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I have a fairly large vector named blender. I have extracted n elements for which blender is greater than x (irrelevant). Now my difficulty is the following:

I am trying to create a (21 x n) matrix with each element of blender plus 10 things before, and the 10 things after.

element=find(blender >= 120);

I have been trying variations of the following:

for i=element(1:end)
    Matrix(i)= Matrix(blender(i-10:i+10));

then I want to plot one column of the matrix at the time when I hit Enter. This second part I can figure out later, but I would appreciate some help making the Matrix


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First, you can use "logical indexing" of your array, which uses a logical expression do address your vector. With blender = [2, 302, 35, 199, 781, 312, 8], it could look like this:

>> b_hi = blender(blender>=120)
b_hi =
       302  199  781  312

Second, you can concatenate arrays like in b_padded = [1, 2, b_hi, 3, 4]. If b_hi was a column vector, you'd use semicolons instead of commas.

Third, there is a function reshape that allows you to turn the resulting vector into a matrix. doc reshape will tell you details. For example, to turn b_padded into a 2-by-4 matrix,

>> b_matrix = reshape(b_padded, 4, 2)
b_matrix =
           1   302   781     3
           2   199   312     4

will do. This means you can do all of the job without any for-loop. Note that transposing the result of reshape(b_padded, 2, 4) will give you the other possible 2-by-4 matrix. You obtain the transpose of a matrix A by A'. You will find out which one you want.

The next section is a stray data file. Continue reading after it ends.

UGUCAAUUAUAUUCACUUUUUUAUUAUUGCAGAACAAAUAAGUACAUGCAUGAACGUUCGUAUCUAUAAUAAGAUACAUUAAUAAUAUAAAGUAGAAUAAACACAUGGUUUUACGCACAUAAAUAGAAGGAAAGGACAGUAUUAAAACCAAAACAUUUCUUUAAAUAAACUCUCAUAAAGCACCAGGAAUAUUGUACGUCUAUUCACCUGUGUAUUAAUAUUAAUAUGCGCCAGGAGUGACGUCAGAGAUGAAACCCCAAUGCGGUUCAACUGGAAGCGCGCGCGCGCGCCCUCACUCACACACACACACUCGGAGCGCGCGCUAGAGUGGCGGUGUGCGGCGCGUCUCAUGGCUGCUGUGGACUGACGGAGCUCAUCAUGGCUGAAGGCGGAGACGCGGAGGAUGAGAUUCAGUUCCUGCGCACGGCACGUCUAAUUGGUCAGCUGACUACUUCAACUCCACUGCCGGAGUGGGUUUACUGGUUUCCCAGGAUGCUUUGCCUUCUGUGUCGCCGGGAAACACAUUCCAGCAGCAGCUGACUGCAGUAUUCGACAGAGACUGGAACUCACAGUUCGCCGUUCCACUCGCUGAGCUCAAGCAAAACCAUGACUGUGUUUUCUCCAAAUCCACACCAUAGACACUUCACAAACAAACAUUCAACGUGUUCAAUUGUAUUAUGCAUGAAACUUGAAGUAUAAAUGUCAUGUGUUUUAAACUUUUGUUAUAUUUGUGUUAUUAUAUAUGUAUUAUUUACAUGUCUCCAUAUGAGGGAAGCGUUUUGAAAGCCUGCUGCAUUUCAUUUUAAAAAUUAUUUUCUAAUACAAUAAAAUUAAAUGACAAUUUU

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+1: obviously the OP is experiencing difficulties with vectorization. I suggest laying out the final solution for clarity. – Eitan T Jan 16 '13 at 19:47
I see, but how do I get the 10 before and after. Say bleder is 1:1:100. And I extracted 60, also element 60. I want 50:70 as one column, then the 10 before and after of the second extracted element – user1984884 Jan 16 '13 at 20:27
Thanks for the help by the way – user1984884 Jan 16 '13 at 20:29
I apologize I did not understand your question right. @shoelzer's approach is correct. If your index bounds are valid downwards, another problem to consider is the upper bound. See comment below. – s.bandara Jan 16 '13 at 21:19
I don't understand how indexing is even a problem since k is an element number (integer and positive from 608 to 22,543), blender is my raw data, 0 from up to 153.7444 – user1984884 Jan 16 '13 at 21:23

You need to create a new matrix, and use two indices so that Matlab knows it is assigning to a column in a 2D matrix.

NewMatrix = zeros(21, length(element));
for i = 1:length(element)
    k = element(i);
    NewMatrix(:,i)= Matrix(blender(k-10:k+10));
share|improve this answer
I understand this answer the most. When I try to run it I get "Subscript indices must either be real positive integers or logicals" – user1984884 Jan 16 '13 at 20:20
I'm guessing that k-10 ends up being negative so it's not a valid index. You need to decide what should happen in that case. – shoelzer Jan 16 '13 at 20:33
No, the smallest k I have is 608, I even tried with blender(k:k+10), same error. – user1984884 Jan 16 '13 at 20:41
Then maybe the values in blender are not valid indices for Matrix. – shoelzer Jan 16 '13 at 21:02
that could be it, since blender does not have integers – user1984884 Jan 16 '13 at 21:04

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